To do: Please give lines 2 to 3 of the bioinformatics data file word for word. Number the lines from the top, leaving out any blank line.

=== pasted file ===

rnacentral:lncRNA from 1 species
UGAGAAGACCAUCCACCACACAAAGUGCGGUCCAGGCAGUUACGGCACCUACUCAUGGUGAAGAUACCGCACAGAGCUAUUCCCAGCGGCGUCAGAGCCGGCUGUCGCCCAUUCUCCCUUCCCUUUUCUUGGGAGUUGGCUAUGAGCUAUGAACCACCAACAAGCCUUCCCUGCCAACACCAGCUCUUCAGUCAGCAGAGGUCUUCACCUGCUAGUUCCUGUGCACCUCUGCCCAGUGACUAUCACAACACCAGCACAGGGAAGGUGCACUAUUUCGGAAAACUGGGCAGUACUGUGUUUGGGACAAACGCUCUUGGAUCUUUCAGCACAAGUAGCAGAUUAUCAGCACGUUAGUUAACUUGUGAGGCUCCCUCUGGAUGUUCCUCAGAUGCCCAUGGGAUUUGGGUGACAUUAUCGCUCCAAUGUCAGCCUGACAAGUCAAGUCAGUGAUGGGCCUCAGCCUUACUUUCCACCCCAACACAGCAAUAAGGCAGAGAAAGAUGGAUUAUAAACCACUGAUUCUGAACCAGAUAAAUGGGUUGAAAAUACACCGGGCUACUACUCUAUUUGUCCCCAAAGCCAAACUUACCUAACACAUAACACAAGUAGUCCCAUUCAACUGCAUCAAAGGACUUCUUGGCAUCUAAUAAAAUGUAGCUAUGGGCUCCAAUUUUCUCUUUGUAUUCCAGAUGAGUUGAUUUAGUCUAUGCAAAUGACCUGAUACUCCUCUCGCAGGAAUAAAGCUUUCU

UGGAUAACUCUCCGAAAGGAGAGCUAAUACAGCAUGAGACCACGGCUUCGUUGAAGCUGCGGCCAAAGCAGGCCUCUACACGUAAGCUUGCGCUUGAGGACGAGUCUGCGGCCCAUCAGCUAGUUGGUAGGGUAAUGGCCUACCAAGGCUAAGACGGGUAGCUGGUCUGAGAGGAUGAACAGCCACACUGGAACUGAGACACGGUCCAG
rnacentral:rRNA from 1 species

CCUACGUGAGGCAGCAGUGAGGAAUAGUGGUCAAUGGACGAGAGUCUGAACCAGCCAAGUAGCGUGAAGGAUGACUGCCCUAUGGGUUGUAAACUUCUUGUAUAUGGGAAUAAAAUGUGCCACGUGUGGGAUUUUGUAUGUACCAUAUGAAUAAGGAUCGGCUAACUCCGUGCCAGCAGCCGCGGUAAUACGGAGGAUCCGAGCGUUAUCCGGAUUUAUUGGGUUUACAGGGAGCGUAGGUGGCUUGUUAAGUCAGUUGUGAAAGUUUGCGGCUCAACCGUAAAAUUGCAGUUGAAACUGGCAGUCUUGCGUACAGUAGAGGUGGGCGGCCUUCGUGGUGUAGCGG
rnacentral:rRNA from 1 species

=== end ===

UGAGAAGACCAUCCACCACACAAAGUGCGGUCCAGGCAGUUACGGCACCUACUCAUGGUGAAGAUACCGCACAGAGCUAUUCCCAGCGGCGUCAGAGCCGGCUGUCGCCCAUUCUCCCUUCCCUUUUCUUGGGAGUUGGCUAUGAGCUAUGAACCACCAACAAGCCUUCCCUGCCAACACCAGCUCUUCAGUCAGCAGAGGUCUUCACCUGCUAGUUCCUGUGCACCUCUGCCCAGUGACUAUCACAACACCAGCACAGGGAAGGUGCACUAUUUCGGAAAACUGGGCAGUACUGUGUUUGGGACAAACGCUCUUGGAUCUUUCAGCACAAGUAGCAGAUUAUCAGCACGUUAGUUAACUUGUGAGGCUCCCUCUGGAUGUUCCUCAGAUGCCCAUGGGAUUUGGGUGACAUUAUCGCUCCAAUGUCAGCCUGACAAGUCAAGUCAGUGAUGGGCCUCAGCCUUACUUUCCACCCCAACACAGCAAUAAGGCAGAGAAAGAUGGAUUAUAAACCACUGAUUCUGAACCAGAUAAAUGGGUUGAAAAUACACCGGGCUACUACUCUAUUUGUCCCCAAAGCCAAACUUACCUAACACAUAACACAAGUAGUCCCAUUCAACUGCAUCAAAGGACUUCUUGGCAUCUAAUAAAAUGUAGCUAUGGGCUCCAAUUUUCUCUUUGUAUUCCAGAUGAGUUGAUUUAGUCUAUGCAAAUGACCUGAUACUCCUCUCGCAGGAAUAAAGCUUUCU

UGGAUAACUCUCCGAAAGGAGAGCUAAUACAGCAUGAGACCACGGCUUCGUUGAAGCUGCGGCCAAAGCAGGCCUCUACACGUAAGCUUGCGCUUGAGGACGAGUCUGCGGCCCAUCAGCUAGUUGGUAGGGUAAUGGCCUACCAAGGCUAAGACGGGUAGCUGGUCUGAGAGGAUGAACAGCCACACUGGAACUGAGACACGGUCCAG